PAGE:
DAWSEY: Right. There's legislation that could come up as early as this week on Puerto Rico assistance and you have a number of Democrats who are pushing heavily for it. You have some Republicans even though quietly behind the scenes are pushing for the country to get a bit more.

But there's also a number of other states that are affected as you all know from tornadoes and hurricane and other kinds of damage, fires, that are part of the package. So, it's kind of a melting pot of money that goes and what the President and the White House wants certainly matters quite a bit in these discussions.

COOPER: Josh Dawsey, appreciate it. Thanks very much.

DAWSEY: Thank you.

COOPER: All right. Chris is back. Let's see what he's working on for "Cuomo Prime Time" at the top of the hour. Welcome back.

CHRIS CUOMO, CNN ANCHOR: It's good to see you my friend. Some things are simple, some things are complex, Puerto Rico, simple. They've been shunned by this administration. They got the numbers wrong there, they got the importance wrong there, and they have been carrying it through as some type of vendetta against the island.

I was just there on vacation with my family and the help is real. The need is real, though it has been. It's even worse now. They're not back. That's simple. Complex is why I'm here in Washington, D.C. I came here to get the President's two main lawyers, Jay Sekulow and Rudy Giuliani. We're going to have them both on tonight.

Anderson, listen to this, I've never heard of this before. They're tag teaming my show with "Sean Hannity Show" tonight. It's such a statement of where we are as a culture right now that literally they're going to be switching mid show going back and forth on the two shows preaching to the converted on one, preaching open minds on the other. It's a really weird time, but we need to have an understanding of what this report means and what we still need to know and we're going to get deep on that tonight.

COOPER: All right, about seven minutes from now. I look forward to it. Chris, thanks very much.

Still ahead, the father of a first grader killed in the Sandy Hook massacre has died of suicide. Sadly, he's just one of three apparent suicides this -- in the past week or so with possible ties to school shootings. More ahead.


[20:56:12] COOPER: Well, there's sad and difficult news to report tonight, news that's a reminder to us all about how fragile human life is and how important it is to whenever possible reach out for help or reach out to help those in need.

The father of a little girl who was murdered in the Newtown massacre was found dead early this morning. Jeremy Richman was his name. He was 49 years old. His daughter, Avielle Richman, was six when she was killed along with 19 other children and six adults at Sandy Hook Elementary School in 2012.

After the massacre, Mr. Richman co-founded the Avielle Foundation, a nonprofit name for his daughter that focused on violence prevention through research and community engagement. I spoke with Jeremy and his wife Jennifer about their daughter and their lives in 2013 for a CNN documentary.


JEREMY RICHMAN, FATHER OF SANDY HOOK VICTIM: She was such a wonderfully fun child and she would light up. You know, I wish that you got to meet her. You would have just been blown away. She's fun. She's funny. She would have made you smile.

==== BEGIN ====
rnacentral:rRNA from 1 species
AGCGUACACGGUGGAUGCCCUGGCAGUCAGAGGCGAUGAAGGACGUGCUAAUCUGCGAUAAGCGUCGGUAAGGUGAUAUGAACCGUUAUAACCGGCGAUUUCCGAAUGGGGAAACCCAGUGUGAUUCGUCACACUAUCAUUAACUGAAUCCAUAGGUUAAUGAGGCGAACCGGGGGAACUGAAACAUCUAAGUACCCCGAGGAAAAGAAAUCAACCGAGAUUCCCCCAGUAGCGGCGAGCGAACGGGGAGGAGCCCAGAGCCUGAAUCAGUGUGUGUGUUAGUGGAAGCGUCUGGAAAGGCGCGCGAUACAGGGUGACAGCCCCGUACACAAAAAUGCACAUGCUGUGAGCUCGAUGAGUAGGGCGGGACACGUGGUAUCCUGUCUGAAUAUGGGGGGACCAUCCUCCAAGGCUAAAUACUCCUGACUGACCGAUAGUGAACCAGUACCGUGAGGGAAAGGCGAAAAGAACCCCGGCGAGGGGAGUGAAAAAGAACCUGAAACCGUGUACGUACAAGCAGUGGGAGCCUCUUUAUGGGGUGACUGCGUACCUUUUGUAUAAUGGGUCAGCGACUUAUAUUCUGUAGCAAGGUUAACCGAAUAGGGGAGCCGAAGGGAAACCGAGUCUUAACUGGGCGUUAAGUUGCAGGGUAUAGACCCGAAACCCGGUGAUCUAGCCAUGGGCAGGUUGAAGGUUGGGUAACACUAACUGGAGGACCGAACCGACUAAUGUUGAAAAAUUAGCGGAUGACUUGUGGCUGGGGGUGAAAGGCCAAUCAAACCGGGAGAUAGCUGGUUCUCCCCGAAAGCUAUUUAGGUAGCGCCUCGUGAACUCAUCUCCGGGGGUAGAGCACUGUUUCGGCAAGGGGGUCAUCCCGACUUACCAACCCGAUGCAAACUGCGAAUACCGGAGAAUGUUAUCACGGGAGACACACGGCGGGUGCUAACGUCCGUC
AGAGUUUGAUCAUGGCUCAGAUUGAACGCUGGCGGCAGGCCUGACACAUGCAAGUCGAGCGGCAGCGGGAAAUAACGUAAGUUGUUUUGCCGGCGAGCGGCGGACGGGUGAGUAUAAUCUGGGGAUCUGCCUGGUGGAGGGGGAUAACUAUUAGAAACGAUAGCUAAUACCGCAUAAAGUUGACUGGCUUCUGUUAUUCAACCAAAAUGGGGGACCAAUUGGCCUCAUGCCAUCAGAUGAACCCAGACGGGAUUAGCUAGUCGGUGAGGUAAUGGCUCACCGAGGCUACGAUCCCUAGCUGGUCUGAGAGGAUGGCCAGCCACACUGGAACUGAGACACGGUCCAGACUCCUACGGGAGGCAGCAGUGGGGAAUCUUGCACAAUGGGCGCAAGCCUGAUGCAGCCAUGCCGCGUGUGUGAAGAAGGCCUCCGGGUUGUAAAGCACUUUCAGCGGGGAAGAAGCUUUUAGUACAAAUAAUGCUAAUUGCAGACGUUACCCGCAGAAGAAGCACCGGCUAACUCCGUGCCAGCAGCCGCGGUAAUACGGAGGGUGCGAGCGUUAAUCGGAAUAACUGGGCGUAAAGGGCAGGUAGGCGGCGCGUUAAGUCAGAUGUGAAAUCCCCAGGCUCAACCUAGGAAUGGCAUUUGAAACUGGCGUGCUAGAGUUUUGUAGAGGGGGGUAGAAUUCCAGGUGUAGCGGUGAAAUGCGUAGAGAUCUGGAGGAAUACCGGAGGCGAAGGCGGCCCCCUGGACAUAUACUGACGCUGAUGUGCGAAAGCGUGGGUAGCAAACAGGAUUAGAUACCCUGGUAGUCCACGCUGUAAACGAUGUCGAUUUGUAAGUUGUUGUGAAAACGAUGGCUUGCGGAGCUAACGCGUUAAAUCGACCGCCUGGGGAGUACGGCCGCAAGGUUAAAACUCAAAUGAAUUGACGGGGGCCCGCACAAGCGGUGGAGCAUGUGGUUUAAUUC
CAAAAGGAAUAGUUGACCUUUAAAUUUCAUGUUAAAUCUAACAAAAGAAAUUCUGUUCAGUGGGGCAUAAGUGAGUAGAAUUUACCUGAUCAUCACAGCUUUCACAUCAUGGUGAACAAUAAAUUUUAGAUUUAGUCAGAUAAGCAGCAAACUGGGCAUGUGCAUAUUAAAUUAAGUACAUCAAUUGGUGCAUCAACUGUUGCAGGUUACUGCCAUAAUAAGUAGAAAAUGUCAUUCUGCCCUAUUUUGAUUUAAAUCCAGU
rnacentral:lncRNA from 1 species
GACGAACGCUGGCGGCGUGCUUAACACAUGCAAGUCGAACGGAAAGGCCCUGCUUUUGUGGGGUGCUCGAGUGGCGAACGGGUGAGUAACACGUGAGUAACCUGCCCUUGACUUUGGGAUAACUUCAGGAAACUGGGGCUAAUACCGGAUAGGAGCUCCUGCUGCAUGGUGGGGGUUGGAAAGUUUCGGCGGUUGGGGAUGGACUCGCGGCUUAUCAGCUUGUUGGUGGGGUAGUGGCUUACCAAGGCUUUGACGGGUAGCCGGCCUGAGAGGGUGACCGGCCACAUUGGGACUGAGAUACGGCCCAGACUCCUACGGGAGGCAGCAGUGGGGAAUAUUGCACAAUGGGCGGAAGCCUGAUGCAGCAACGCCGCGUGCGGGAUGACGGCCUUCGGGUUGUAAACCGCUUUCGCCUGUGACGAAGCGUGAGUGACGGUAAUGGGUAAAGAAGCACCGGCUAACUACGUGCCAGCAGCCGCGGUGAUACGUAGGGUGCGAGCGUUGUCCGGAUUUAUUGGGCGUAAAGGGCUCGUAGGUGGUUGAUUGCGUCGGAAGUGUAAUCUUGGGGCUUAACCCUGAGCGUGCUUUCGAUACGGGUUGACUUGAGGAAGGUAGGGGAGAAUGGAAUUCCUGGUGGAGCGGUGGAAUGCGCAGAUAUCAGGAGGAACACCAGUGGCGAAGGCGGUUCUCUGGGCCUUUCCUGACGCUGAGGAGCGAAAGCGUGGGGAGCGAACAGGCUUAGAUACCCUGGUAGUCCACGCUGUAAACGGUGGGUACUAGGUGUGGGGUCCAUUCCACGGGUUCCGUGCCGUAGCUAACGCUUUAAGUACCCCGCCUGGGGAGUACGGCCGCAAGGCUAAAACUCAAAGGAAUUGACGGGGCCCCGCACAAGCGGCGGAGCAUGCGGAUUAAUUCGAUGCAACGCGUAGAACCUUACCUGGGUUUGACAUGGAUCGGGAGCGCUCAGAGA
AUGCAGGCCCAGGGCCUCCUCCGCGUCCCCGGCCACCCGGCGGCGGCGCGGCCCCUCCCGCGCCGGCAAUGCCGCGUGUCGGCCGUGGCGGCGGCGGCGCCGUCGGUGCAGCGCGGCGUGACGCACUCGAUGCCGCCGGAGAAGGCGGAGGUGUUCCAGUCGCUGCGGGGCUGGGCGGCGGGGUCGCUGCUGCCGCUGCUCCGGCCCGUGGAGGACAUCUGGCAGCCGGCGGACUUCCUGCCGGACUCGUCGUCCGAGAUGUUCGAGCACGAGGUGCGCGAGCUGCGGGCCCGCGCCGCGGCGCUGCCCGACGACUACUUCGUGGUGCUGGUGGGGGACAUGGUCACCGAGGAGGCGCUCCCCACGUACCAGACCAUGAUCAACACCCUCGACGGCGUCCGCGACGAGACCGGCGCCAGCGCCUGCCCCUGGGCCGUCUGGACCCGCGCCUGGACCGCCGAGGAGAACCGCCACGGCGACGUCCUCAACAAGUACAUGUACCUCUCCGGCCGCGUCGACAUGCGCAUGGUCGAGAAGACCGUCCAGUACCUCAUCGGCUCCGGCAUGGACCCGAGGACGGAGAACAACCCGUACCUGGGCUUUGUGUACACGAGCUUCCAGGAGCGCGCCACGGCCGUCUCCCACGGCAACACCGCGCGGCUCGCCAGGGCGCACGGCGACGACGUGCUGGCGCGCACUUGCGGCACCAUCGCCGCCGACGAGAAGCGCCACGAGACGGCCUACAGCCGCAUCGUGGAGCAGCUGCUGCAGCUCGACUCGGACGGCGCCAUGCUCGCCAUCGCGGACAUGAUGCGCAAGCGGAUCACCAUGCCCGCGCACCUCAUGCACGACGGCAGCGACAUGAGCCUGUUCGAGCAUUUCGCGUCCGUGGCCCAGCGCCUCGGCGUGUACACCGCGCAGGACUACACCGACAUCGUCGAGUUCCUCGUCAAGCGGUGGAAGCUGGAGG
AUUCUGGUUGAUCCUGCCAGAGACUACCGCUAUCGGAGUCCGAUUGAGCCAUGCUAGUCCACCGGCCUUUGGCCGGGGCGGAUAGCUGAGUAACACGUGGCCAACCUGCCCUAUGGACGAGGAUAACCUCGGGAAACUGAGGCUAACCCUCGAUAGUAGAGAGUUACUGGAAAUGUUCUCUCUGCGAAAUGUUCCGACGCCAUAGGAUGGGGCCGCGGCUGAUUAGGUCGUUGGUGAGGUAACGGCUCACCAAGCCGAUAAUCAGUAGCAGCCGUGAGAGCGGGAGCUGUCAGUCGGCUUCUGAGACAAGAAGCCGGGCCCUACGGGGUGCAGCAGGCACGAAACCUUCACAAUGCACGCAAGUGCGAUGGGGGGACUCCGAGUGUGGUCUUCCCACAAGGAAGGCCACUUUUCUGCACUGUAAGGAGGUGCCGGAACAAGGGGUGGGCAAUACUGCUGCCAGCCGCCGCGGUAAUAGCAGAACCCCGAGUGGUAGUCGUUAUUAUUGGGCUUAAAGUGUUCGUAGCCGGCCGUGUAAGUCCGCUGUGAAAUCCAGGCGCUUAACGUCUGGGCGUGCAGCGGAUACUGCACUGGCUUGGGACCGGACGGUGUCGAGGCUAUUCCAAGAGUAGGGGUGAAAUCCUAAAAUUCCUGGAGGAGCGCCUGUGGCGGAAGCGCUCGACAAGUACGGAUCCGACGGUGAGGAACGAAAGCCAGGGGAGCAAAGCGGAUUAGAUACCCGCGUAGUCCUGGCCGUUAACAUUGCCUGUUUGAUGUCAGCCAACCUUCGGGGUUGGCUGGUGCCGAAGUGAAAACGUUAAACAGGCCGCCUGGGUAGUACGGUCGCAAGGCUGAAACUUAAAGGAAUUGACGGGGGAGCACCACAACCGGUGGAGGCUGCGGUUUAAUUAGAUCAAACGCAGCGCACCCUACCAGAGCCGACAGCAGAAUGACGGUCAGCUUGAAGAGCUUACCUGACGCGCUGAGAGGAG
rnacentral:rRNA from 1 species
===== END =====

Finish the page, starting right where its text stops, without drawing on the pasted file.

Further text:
You know, every day we need to get out of bed and Jen and I came up with just a beautiful idea to get us out of bed and every day we try to find something of beauty, something that makes you feel the world is a good place. And then every day we want to make sure that we try to and really strive to give back something of beauty, something to the world.


COOPER: Striving to give back something of beauty to the world. Jeremy Richman is 49 years old and the cause of death is an apparent suicide. It's often impossible to know for sure what may be in someone's head or heart that leads to depression and sometimes to death by suicide, but there have been several other recent deaths that we want to make you away of.

In Florida, mourners are grieving the death Sydney Aiello. She was a 2018 graduate of Marjory Stoneman Douglas High School who died by suicide last week. She survived the attack on Valentines Day last year that kill 17 people at the school in Parkland. Her mom told CNN affiliate WFOR that Sydney suffered from survivor's guilt and had been diagnosed with post-traumatic stress disorder.

On Saturday night, another Parkland student apparently also died by suicide. The student has not been publicly identified but is a sophomore according to the Miami Herald. Again, we don't know what caused these three people to have these thoughts and to unfortunately act on them. It is important to know that help is available. Reaching out for it can be hard and it's made harder by the stigma, which unfortunately still surrounds suicide and it's made harder by the silence that also surrounds suicide.

It's not easy to talk about it if you're having thoughts of suicide and it's certainly not easy to talk about if someone you know is suffering and you want to help them. It's often hard to know what to say or how to help, but reaching out in both cases and talking, that is essential.

There is help out there and it's just a phone call away. If you or someone you know might be at risk of suicide, you can call the National Suicide Prevention Lifeline. We're showing you the number right now at the bottom of your screen, the number, 1-800-273-8255, 1- 800-273-8255.

There's also a text line and you can text home to 741741 to have a confidential text conversation with a trained crisis counselor from an organization called Crisis Text Line. It's very popular among young people in particular who may be -- or anybody who may be more used to or comfortable with texting than talking to a counselor then on the phone. Counselors are available at the Crisis Text Line 24 hours a day, 7 days a week.

We had an important and extensive conversation about suicide prevention with Dr. Christine Moutier, who is the chief medical officer of the American Foundation for Suicide Prevention earlier tonight on our show on Facebook on "Full Circle."

It's our daily interactive newscast on Facebook and that's posted right now and it's an important conversation with a lot of detailed information that could help you or someone you love.